What does this mean practically?
It means that you may have to renounce your U.S. citizenship in order to save your financial future. This is why the issue of being a “covered expat” is becoming more and more important. If you are NOT a covered expat, you will get your “Get of Jail Free Card” for free. You are NOT subject to the mark to mark exit tax rules. If you are a “covered expat” there will be a deemed sale of your mutual funds (and all the horror that this sale implies). You cannot afford to be U.S. citizen when you sell your investments.
U.S. citizens abroad who:
1. are tax compliant
2. have investments they do not want confiscated by the U.S. government
3. have a net worth of less than two million
4. are not paying more than about 150,000 per year in taxes should:
Renounce your U.S. citizenship now!
It’s necessary to preserve your financial future. If you continue your habit of “tax compliance” (playing by the rules) and you reach the two million mark which is inevitable, you will be locked in a fiscal prison the rest of your life!
Caveat: Those who were born dual citizens and meet other requirements may “Get out of jail free” in any event.
Epilogue – Added one day later …
An interesting discussion which touched on the issue of non-U.S. mutual funds has been taking place at the Isaac Brock Society. See this thread.
Note this comment in particular. Note specifically the words I have bolded. Do NOT see these investments until you are no longer a U.S. person!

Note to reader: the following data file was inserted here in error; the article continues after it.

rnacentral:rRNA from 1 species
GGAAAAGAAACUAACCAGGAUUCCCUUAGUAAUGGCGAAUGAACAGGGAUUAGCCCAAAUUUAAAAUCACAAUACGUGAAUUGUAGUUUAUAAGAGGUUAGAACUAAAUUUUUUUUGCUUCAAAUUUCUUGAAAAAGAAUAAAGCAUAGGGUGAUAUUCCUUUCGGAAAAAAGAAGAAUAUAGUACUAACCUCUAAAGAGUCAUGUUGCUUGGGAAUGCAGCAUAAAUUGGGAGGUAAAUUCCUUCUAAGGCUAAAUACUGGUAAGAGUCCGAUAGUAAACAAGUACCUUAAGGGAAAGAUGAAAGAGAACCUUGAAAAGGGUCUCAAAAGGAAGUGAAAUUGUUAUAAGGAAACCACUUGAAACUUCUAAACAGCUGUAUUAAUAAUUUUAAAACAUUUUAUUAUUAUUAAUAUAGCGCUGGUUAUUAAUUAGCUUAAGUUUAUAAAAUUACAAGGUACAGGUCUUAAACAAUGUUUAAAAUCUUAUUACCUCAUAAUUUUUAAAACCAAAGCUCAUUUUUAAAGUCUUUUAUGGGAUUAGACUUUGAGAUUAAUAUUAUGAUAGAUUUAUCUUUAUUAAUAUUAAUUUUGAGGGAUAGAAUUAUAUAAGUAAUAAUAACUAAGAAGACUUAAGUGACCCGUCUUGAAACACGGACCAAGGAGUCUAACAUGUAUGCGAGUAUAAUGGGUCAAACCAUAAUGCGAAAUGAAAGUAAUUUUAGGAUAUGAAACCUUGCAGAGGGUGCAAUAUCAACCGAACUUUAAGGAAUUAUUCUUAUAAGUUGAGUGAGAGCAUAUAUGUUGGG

Ignore this if you plan to reside in the US permanently. Also, I have no idea whether this option would still be available to you if you have already filed returns using the MTM method for PFICs.
Have you examined reporting your PFICs under the excess distribution method? Under this method, you pay tax only on the dividends distributed by the underlying PFICs. Most of the dividends will be treated as ordinary dividends in the year the dividend was received. Dividend distributions in excess of 125% of the three year average are deemed excess distributions and the excess portion as apportioned over the holding period and taxed at the highest marginal rate in the period plus interest. However, it avoids having to pay “capital gains” tax on a MTM basis which is where you can get whacked by dollar depreciation or underlying fund appreciation or both. If the underlying funds you held paid a fairly stable rate of dividends from year to year then most of the dividends will be treated as ordinary dividends.
Additionally, I’ve had two different sets of tax preparers tell me that only dividends from Income class shares need to be reported as dividends since Accumulation class shares don’t distribute dividends.
If you bought and held your PFICs, if you have PFICs that are Accumulation class shares, and if you don’t plan to permanently reside in the US, and if it is possible to amend the returns submitted, it may be worth investigating. This method, however, produces absolutely brutal consequences if you sell the holding while you are US tax resident.
(In context the words “while you are a US tax resident” actually mean “while you are a US person”.)